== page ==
• This dataset contains Level 2 averaged rectified geolocated radiance and flux data (L2arg) taken at 17 minute time resolution. Each grid point is a 3 GERB scan average weighted by the instrument point spread function. The Geostationary Earth Radiation Budget (GERB) instrument makes accurate broadband measurements of earth leaving radiances from the geostationary METOSAT Second Generation satellites from which the emitted thermal and reflected solar components of the Earth Radiation Budget are derived. These data are available at high time resolution for the portion of the globe observable from a METEOSAT geostationary orbit above 0, 0. These data are ideal for studying fast variation in the radiation budget such as those associated with changing cloud conditions, aerosol events and the diurnal cycle. GERB 2 (METEOSAT-8) record covers the period March 2004 to April 2007. GERB 1 (METEOSAT-9) record covers the period May 2007 to January 2013. Users must read the quality summary associated with these data and will find details of user applied correction that are recommended to be applied to these datasets before using. Please also cite Harries et al., 2005: The Geostationary Earth Radiation Budget Project, Bull. Amer. Meteorol. Soc., Vol. 86, 945-960, doi: 10.1175/BAMS-86-7-945. The level 2 ARG (Averaged, Rectified, Geolocated) top of atmosphere radiance and flux products are averaged over three interleaved SW and TOT GERB scans. They are provided interpolated to a fixed rectified equal viewing angle grid and averaged resulting in a product with a temporal resolution of around 17 minutes. Times contained in the level 2 ARG product names indicate the nominal start of the integration period. North-south and east-west grid spacing is around 0.07° in viewing angle giving a spatial resolution of approximately 45 km at nadir. Whilst the radiances and fluxes are corrected for the spectral imperfections of the instrument, no correction is made for spatial non-uniformities in the instrument field of view response. Thus each ARG grid point is a weighted average of the observed scenes with the weighting determined by the instrument field of view response or Point Spread Function (PSF).

  • The Geostationary Earth Radiation Budget (GERB) instrument makes accurate measurements of the Earth Radiation Budget. It was specifically designed to be mounted on a geostationary satellite and was carried onboard the Meteosat Second Generation satellite operated by European Organisation for the Exploitation of Meteorological Satellites (EUMETSAT). The first GERB instrument, GERB-2, was onboard Meteosat Second Generation satellite, MSG-1, and began transmitting data on 12th December 2002. GERB-1 was launched onboard MSG-2 on 21st December 2005. Future GERB sensors units are planned for MSG-3 and MSG-4. This dataset collection contains the incident and reflected solar radiation together with thermal radiation emitted by the Earth's atmosphere. The amount of solar radiation absorbed is the difference between the the incoming and reflected solar radiation and is the energy source of the Earth-atmosphere system. The thermal radiation emitted by the atmosphere is the only sink of energy so, therefore, the budget is the difference between the two. Seasonal changes in the ERB are mainly due to changes in incoming solar radiation but there is a large amount of variability on timescales of hours to days, mainly due to clouds. The global coverage and sampling frequency required for accurate climate models requires that ERB measurements are made from satellites.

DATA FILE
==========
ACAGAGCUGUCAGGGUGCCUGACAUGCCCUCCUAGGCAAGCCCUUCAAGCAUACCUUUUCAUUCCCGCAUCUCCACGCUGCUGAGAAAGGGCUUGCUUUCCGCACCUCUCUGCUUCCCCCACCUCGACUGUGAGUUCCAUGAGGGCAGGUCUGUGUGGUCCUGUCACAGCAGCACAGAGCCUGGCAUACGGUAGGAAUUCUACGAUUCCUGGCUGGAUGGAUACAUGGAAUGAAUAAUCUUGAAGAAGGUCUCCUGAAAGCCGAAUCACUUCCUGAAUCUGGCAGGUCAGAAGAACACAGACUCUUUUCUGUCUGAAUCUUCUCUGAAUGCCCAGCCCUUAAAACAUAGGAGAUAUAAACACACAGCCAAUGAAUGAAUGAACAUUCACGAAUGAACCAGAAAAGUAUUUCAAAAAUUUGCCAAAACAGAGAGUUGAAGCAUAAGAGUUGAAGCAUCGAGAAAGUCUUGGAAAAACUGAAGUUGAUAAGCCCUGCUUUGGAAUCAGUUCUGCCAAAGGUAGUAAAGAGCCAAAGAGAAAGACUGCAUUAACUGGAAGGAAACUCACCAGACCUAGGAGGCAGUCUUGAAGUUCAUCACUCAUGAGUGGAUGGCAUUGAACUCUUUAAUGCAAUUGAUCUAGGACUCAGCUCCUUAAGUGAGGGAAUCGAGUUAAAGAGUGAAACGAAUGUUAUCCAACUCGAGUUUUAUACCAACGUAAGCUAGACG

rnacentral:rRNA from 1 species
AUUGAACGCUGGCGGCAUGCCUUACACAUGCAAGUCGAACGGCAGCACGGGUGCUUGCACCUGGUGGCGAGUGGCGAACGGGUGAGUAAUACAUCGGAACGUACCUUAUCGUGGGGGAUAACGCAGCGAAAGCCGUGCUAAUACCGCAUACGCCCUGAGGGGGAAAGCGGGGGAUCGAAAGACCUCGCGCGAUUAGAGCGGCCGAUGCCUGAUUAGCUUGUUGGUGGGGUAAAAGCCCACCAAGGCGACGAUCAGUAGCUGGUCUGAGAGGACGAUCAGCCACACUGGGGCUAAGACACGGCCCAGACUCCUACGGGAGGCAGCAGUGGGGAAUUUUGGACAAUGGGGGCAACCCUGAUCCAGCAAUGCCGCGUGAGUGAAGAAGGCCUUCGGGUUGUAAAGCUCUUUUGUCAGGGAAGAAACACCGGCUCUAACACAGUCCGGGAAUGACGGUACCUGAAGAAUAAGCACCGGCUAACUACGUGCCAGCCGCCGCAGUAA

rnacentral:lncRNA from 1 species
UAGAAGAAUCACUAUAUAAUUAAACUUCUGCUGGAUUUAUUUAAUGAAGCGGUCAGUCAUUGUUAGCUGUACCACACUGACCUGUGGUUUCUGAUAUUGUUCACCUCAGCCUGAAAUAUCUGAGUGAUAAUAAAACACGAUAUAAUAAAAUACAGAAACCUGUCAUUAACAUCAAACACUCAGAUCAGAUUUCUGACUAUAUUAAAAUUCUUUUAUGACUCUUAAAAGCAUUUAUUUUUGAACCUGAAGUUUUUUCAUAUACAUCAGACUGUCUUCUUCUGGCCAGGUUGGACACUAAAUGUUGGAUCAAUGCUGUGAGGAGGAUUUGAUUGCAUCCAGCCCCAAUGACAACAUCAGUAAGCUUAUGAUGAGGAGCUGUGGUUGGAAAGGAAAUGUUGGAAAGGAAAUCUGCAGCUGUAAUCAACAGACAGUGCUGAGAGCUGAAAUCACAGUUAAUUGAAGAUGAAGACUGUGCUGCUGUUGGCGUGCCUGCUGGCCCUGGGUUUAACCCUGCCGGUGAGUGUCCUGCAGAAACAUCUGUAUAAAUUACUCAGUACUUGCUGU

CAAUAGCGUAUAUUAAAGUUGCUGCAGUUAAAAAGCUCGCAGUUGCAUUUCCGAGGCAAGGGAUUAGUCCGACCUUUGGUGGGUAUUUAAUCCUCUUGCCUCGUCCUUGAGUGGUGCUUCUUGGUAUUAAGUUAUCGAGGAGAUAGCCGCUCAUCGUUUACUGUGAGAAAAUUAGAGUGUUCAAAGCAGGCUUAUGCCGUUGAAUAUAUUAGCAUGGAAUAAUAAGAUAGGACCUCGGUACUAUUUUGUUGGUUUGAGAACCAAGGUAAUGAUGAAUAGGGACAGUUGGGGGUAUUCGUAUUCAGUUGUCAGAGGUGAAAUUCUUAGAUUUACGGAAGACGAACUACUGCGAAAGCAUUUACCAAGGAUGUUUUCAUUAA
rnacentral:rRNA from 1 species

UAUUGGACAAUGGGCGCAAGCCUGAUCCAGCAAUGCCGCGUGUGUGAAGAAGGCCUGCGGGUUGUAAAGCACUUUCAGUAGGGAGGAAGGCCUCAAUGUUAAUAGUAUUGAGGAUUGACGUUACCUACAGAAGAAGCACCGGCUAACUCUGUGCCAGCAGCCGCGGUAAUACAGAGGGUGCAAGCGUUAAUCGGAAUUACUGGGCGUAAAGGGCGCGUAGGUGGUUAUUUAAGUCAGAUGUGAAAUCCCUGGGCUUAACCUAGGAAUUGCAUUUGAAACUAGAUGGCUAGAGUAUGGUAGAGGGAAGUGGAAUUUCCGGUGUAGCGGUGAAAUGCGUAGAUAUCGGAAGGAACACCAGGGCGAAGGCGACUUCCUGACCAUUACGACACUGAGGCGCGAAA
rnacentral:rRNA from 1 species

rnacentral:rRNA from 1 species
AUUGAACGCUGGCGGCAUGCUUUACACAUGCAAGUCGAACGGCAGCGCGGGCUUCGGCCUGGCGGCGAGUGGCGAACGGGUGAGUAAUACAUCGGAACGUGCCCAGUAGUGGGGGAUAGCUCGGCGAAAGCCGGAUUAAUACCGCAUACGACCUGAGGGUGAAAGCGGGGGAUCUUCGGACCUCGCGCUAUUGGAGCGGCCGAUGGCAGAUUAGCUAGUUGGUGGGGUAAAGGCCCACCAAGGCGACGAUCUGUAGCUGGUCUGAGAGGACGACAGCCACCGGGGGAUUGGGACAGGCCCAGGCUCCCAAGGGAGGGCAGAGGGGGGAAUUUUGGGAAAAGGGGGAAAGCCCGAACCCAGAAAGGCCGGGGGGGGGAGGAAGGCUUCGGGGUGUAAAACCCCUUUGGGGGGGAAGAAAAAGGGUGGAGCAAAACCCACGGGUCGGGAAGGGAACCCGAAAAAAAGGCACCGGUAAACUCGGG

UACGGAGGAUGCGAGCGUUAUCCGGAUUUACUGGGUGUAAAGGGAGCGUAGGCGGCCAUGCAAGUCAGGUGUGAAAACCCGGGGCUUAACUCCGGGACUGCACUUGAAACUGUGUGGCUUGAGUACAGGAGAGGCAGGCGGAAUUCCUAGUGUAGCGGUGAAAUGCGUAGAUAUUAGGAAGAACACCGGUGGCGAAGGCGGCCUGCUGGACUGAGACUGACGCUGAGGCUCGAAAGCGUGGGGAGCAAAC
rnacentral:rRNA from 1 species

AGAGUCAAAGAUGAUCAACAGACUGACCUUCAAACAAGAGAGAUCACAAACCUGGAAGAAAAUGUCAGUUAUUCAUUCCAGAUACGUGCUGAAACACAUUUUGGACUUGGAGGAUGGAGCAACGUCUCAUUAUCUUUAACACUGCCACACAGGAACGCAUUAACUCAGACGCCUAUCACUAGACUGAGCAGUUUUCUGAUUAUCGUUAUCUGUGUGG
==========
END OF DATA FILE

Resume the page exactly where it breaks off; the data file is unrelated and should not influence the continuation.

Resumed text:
• The Geostationary Earth Radiation Budget (GERB-1) Level 2 High Resolution (L2HR) dataset contains accurate measurements of the Earth Radiation Budget. Broadband measurements of earth-leaving radiances are made from which the emitted thermal and reflected solar components of the Earth Radiation Budget are derived. These data are available at a time resolution of 15 minutes for the region 60E to 60W, 60N to 60S and area are ideal for studying fast variations in the radiation budget such as those associated with changing cloud conditions, aerosol events and the diurnal cycle. Time and pixel centres matched with METEOSAT imager SEVIRI. The level 2 HR (High Resolution) data are resolution enhanced snapshots of the top of atmosphere radiances and fluxes every 15 minutes. They are provided at the product acquisition time of the METEOSAT narrowband SEVIRI imager on a fixed equal viewing angle grid matched to 3x3 SEVIRI pixel grid-boxes. This gives the HR product a temporal resolution of 15 minutes and a grid spacing of 9 km at the sub-satellite point. The time in the product name is the same as the SEVIRI product name time. Instantaneous accuracy at the HR scale is expected to be lower than for the lower spatial resolution GERB products as additional noise is introduced by the resolution enhancement, particularly for very inhomogeneous scenes and extreme angles. However, the HR product is recommended as the basis for users wishing to create custom averages over time and space and its production ensures that after appropriate averaging its accuracy is commensurate with the other GERB products The GERB instrument was specifically designed to be mounted on a geostationary satellite and was carried onboard the Meteosat Second Generation satellite operated by European Organisation for the Exploitation of Meteorological Satellites (EUMETSAT). The second GERB instrument, GERB-1, was onboard Meteosat Second Generation satellite, MSG-2, and covers the period May 2007 to January 2013. Users must read the quality summary associated with these data and will find details of user applied correction that are recommended to be applied to these datasets before using. Please cite Harries et al., 2005: The Geostationary Earth Radiation Budget Project, Bull. Amer. Meteorol. Soc., Vol. 86, 945-960, doi: 10.1175/BAMS-86-7-945.